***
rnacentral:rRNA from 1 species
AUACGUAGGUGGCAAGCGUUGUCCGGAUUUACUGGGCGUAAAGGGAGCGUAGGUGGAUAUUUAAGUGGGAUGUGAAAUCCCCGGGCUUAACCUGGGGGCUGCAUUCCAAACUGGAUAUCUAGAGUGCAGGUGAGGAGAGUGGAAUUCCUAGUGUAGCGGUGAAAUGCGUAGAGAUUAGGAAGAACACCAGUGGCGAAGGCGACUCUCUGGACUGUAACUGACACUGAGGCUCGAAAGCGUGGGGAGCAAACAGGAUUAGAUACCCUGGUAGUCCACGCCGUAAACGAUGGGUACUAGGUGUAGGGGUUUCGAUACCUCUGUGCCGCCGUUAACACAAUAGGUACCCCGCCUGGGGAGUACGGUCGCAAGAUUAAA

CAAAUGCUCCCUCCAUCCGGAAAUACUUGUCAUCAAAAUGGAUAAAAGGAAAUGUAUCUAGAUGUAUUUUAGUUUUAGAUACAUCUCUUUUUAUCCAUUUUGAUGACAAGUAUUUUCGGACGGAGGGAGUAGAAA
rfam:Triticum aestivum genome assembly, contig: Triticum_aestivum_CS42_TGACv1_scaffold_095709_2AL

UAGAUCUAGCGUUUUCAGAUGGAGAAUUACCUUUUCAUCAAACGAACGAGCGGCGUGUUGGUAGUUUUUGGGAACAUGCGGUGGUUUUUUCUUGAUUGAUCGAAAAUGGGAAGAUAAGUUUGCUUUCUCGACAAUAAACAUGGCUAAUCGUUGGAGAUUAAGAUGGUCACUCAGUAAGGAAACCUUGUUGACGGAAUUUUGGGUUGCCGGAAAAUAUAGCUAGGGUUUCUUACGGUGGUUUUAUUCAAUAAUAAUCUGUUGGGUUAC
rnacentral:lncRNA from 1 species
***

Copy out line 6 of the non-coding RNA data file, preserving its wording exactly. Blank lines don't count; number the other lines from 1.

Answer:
rnacentral:lncRNA from 1 species